Macmillan Cancer Support reports that a need for patients with a diagnosis of cancer to ‘fight’ and remain positive could be having a negative effect on people living with the disease. Over 75 per cent of people with cancer have thought about the possibility that they might die from the disease, however the report identifies a number of barriers to them being able to discuss this honestly.
According to health and social care professionals, one of the largest obstacles is within the pressure to stay positive and support people to fight cancer, even in the face of a terminal diagnosis.
Macmillan Cancer Support indicates that while it is a commonly held belief that describing people with cancer as ‘fighters’, keeps a person’s spirits high and instils in them a sense that the professionals supporting them are helping them to ‘fight the battle’. While some may find this language helpful, Missed Opportunities highlights the challenging contradiction of this fighting talk for people at the end of their lives.
Key findings from the report include:
The perceived need to ‘fight’ cancer often means people with a terminal diagnosis aren’t getting the right support to plan for end of life
More than one in four people with cancer (28%) have difficulty talking honestly about their feelings around cancer
Gulf in communication means thousands of people with cancer unnecessarily die in hospital against their wishes
Advance Care Planning, discussing end of life wishes, can significantly improve end of life experiences
The charity Sue Ryder has called for there to be a ‘national conversation’ about death and greater dialogue between health and care professionals and families about what to expect, and what they can do, as the death of someone close approaches. This follows new research, launched as part of the charity’s ongoing #FacingLossTogether campaign. (Sue Ryder)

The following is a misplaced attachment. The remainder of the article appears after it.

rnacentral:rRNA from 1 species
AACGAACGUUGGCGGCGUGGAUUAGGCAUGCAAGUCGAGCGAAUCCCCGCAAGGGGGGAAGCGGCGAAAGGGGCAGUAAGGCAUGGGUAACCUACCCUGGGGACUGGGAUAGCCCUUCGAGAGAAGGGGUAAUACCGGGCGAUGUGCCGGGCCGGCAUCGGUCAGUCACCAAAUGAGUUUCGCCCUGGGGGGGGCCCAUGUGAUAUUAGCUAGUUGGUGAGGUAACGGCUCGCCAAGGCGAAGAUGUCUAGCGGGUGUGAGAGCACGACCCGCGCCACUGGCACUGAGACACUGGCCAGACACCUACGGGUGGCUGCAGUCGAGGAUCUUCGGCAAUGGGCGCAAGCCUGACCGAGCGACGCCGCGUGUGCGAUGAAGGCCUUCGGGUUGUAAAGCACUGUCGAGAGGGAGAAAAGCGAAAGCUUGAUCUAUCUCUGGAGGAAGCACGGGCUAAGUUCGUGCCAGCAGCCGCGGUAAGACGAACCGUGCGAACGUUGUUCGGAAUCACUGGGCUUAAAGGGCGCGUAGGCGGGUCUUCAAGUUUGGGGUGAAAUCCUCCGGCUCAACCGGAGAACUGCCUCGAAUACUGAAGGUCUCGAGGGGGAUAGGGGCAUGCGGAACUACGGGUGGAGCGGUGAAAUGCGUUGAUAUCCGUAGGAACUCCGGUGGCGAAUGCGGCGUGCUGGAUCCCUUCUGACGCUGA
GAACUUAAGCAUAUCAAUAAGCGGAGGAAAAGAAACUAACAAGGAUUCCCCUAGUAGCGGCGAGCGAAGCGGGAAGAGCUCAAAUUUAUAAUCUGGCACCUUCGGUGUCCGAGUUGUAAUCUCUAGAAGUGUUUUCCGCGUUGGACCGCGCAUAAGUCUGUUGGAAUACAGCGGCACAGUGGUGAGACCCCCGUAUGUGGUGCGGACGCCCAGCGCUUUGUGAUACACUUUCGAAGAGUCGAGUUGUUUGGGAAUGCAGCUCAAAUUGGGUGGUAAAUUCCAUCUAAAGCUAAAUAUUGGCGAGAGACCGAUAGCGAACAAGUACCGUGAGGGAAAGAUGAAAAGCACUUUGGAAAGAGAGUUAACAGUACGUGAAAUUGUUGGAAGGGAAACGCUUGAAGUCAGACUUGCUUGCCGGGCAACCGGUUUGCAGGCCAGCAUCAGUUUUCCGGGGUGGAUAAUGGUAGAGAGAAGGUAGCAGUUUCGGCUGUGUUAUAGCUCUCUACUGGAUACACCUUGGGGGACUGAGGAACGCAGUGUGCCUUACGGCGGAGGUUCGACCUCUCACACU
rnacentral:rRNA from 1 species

Heidi Travis the chief executive said: “death is an inevitable part of all our lives, and yet in modern society […] it has become a taboo subject that many of us find difficult to broach.”
The charity’s survey reveals a significant number of people struggle with uncertainty about what to do when someone close to them is dying. The research among 1,000 bereaved adults in UK found that:
over 40% of those that had questions or worries wanted to know what physical or mental changes they should expect when someone close to them was near death.
Other key questions and worries included:
whether to bring up difficult issues with their dying family member or friend before the end of their life (21%)
how to make them more comfortable (58%)
whether they should die in a more comforting environment than a hospital ward (18%)
The purpose of the paper is to describe how residents express preferences for end-of-life (EOL) care | Geriatric Nursing
For this qualitative study, we conducted semi-structured interviews and completed conventional content analysis to describe how residents’ expressed their preferences for care at the end of life. Sixteen residents from four nursing homes (NH) in southeastern Pennsylvania participated in this study. Residents were on average 88 years old, primarily non White, and widowed. Three key domains emerged from the analyses: Preferences for Today, Anticipating the End of My Life, and Preferences for Final Days. Residents linked their everyday living and EOL preferences by using ‘if and then’ logic to convey anticipation and readiness related to EOL. These findings suggest new strategies to start discussions of EOL care preferences with NH residents.